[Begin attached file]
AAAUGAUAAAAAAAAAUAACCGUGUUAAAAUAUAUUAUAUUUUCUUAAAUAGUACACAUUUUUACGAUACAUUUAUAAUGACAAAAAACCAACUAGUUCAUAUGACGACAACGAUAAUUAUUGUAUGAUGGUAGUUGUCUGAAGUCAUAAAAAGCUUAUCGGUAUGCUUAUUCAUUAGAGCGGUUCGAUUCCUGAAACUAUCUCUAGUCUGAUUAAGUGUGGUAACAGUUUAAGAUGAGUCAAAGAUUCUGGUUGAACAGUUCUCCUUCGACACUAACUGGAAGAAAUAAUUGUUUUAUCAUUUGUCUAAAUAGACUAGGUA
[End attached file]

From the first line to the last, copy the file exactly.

AAAUGAUAAAAAAAAAUAACCGUGUUAAAAUAUAUUAUAUUUUCUUAAAUAGUACACAUUUUUACGAUACAUUUAUAAUGACAAAAAACCAACUAGUUCAUAUGACGACAACGAUAAUUAUUGUAUGAUGGUAGUUGUCUGAAGUCAUAAAAAGCUUAUCGGUAUGCUUAUUCAUUAGAGCGGUUCGAUUCCUGAAACUAUCUCUAGUCUGAUUAAGUGUGGUAACAGUUUAAGAUGAGUCAAAGAUUCUGGUUGAACAGUUCUCCUUCGACACUAACUGGAAGAAAUAAUUGUUUUAUCAUUUGUCUAAAUAGACUAGGUA